What is Retrognathia?
Retrognathia is a condition where one jaw is located behind the other at an unusually longer distance than what is considered normal. It is one type of malocclusion where the teeth are misaligned because of the irregular positioning of the jaws. The condition is also otherwise known as retrognathishm and is usually categorized according to how to each jaw is affected. Normally, our jaw consists two parts: the mandible and the maxilla. The maxilla has two bones that fuse at the top or the roof of the mouth and thereby makes up our upper jaw. The maxilla holds our upper teeth in place.
The mandible, on the other hand, makes up the lower jaw and is the one responsible for holding our set of lower teeth in place. It has a horseshoe shape. It is the mandible which is more commonly affected by retrognathia compared to the maxilla. In this occasion, it goes by the name mandibular retrognathia. This implies that the lower jaw moves back to the point that it is so far back with the upper jaw in its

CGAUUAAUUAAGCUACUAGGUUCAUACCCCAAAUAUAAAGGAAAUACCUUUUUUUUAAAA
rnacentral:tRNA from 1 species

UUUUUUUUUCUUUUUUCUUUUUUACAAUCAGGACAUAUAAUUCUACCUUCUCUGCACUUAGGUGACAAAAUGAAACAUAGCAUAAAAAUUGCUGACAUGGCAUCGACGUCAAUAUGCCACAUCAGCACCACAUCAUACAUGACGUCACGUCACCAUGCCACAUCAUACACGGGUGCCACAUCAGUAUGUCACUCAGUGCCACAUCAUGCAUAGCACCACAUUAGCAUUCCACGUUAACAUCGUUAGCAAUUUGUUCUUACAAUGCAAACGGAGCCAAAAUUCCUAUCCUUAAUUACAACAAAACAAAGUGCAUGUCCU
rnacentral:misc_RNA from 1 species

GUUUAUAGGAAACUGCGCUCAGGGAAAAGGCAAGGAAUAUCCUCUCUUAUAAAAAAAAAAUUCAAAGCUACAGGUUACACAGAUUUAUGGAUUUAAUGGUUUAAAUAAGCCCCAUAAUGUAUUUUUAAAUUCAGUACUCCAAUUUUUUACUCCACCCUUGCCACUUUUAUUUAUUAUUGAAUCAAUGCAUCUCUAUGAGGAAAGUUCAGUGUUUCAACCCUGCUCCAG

usual place. Maxillary retrognathia, meanwhile, involves the upper jaw’s recession and thus, it is pushed way behind the lower jaw.
What is an Overbite?
The terms are often misused for the other. The word overbite is used specifically for the condition that has the front teeth of the maxilla overlap the teeth on the mandible. It does not refer to the positioning of the mandible being far behind the maxilla.
Causes of Retrognathia
The condition is mainly brought about by genetics. One other reason for this condition is injury or trauma, most especially in cases where the jaw does not heal as it should. Infants are more prone to the latter cause because their bones are still on the process of fully forming. Other factors attributed are infections related to the bone as well as surgery for oral cancer.
Should we Worry?
Retrognathis is not generally a dangerous state. It can, however, affect eating and make it difficult. It can also create problems to our overall dental health as well as change our facial appearance. It can be treated though. People that have this condition can correct the deformity of the jaw and get a normal occlusion of the lower and upper teeth using braces for alignment with the help of an orthodontist. They can also go for surgery which grafts or removes some part of the jaw with the help of a dental surgeon.